This apparent variability in prevalence between studies could be put down to several factors, including differences in the demographic features of the cohort of patients being studied, and the occurrence of medical comorbidities. LUT symptoms are more prevalent with advancing disease and were most frequent in patients at H & Y stage 4 to 5 with a reported prevalence of around 90%. Moreover, the term nocturia has been applied differently in studies and the prevalence varies according to the definition being used. The International Continence Society made an attempt to standardize the definition of nocturia in 2002 and, based on a consensual approach, put forward the complaint that the individual has to wake at night one or more times to void.

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Difficulty Emptying The Bladder

  • Some people with Parkinsons find it difficult to pass urine if the bladder fails to contract when required, or because the sphincter does not let urine out or a combination of the two. This is a result of reduced dopamine levels interfering with the efficiency of the bladder muscles and causing a residual amount of urine to be left in the bladder. This reduces the total amount the bladder can hold and creates a feeling of wanting to empty the bladder very often. Unfortunately, there is an increased risk of urinary infection if the bladder is not emptied completely.
  • In some older people, constipation which is often associated with Parkinsons can result in faeces collecting in the rectum. This can result in difficulties in bladder emptying, which may be because of pressure on the urethra, or mediated by the nerves in the region. The bladder is then unable to empty and may continue distending, causing dribbling incontinence.
  • Anticholinergic medications can also make emptying problems worse.

Fecal Incontinence In Advanced Parkinsons Disease

Urinary Problems in Parkinsonism Patients with A.Q. Rana MD, Educator Neurologist

Fecal incontinence is a very debilitating symptom that can occur in advanced PD and refers to the involuntary release of fecal matter.

Once again, fecal incontinence, especially if it is a new symptom, should be fully evaluated to determine if there is a cause unrelated to PD. Diseases of the gut such as inflammatory bowel disease or compression of the lower spine cord can be the reason.

If related to PD, there are typically two situations to consider. One possibility is that severe constipation with impacted bowel movement allows loose stool from higher up in the gastrointestinal tract to escape around the edges of the obstruction. In this situation, fecal incontinence could be a harbinger of bowel obstruction. Aggressive and continuous treatment of constipation can help avoid this potential scenario.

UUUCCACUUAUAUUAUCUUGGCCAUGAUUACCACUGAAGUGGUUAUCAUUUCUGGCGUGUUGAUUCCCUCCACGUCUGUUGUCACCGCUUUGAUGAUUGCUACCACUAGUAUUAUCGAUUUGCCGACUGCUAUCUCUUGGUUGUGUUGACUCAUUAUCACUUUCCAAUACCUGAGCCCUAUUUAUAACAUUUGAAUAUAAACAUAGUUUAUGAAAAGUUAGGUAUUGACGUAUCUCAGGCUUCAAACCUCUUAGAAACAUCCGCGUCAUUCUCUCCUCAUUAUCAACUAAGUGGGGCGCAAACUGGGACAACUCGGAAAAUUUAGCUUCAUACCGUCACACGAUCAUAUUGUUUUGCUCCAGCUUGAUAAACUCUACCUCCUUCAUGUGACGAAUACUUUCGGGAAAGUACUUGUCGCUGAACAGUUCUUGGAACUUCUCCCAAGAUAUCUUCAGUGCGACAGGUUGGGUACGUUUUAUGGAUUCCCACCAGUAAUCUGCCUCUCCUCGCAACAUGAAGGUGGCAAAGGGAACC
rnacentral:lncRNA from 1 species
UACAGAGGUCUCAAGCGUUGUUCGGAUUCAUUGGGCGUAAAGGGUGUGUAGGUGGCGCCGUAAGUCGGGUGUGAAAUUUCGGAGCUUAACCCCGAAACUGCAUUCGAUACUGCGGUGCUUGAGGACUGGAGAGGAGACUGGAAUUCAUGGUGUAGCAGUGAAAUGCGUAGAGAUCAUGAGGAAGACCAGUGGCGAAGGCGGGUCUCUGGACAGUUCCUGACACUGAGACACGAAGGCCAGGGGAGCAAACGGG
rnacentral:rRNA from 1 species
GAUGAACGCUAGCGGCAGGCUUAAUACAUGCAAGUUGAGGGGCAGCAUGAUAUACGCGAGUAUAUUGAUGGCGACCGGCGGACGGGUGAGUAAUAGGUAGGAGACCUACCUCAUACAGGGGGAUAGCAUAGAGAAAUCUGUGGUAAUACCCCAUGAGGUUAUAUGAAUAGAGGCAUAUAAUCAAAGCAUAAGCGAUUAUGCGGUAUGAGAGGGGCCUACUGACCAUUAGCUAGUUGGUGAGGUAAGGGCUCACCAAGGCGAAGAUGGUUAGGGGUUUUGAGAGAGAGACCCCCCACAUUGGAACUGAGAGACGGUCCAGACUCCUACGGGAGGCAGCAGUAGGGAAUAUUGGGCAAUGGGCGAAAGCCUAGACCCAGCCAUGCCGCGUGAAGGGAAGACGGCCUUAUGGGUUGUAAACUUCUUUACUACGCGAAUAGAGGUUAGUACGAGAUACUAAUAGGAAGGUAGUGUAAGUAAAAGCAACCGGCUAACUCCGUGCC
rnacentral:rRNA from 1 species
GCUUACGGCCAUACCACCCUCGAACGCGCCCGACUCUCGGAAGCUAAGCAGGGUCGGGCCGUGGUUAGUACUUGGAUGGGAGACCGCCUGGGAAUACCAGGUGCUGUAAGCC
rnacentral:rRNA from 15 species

Fecal incontinence can also be related to nerve dysfunction of the anal sphincter, or the ring of muscle that controls when feces is released. Cognitive dysfunction and mobility issues may further interfere with getting to the bathroom in time. Some treatment options are similar to urinary incontinence including the use of bedside equipment to minimize mobility issues and introduction of pelvic floor exercises to strengthen the musculature that keeps feces in place.

As with urinary incontinence, frequent and rapid exchange of dirtied incontinence products can keep skin intact and prevent infection.

Tips and Takeaways

Dr. Rebecca Gilbert

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Management Of Sexual Dysfunction

Management of sexual dysfunction in patients with PD includes both behavioural and pharmacological options depending on the nature of the sexual dysfunction. Behavioural therapy may be used to treat SD, if considered as a learned maladaptive behaviour and may involve the use of psychodynamic psychotherapy and cognitive behavioural therapy . Pharmacological treatment of SD, on the other hand, requires either the reduction or elimination of drugs interfering with the sexual function or the introduction of drugs that improves sexual function . Ultimately, treatment options for SD may require multidisciplinary input from neurologists and psychologists for optimum results . Although phosphodiesterase 5 inhibitors are standard treatment option for erectile dysfunction , intracavernosal alprostadil 1.2510 g injections can be used.

The management of hypersexuality as part of an impulse control disorder includes reduction/stopping of dopamine receptor agonist and practical therapeutic strategies including psychological therapies but not limited to counselling, psychotherapy, sex, couple and behavioural therapies . Hormonal treatment specifically testosterone has been tried in PD .

Symptoms Of Urinary Retention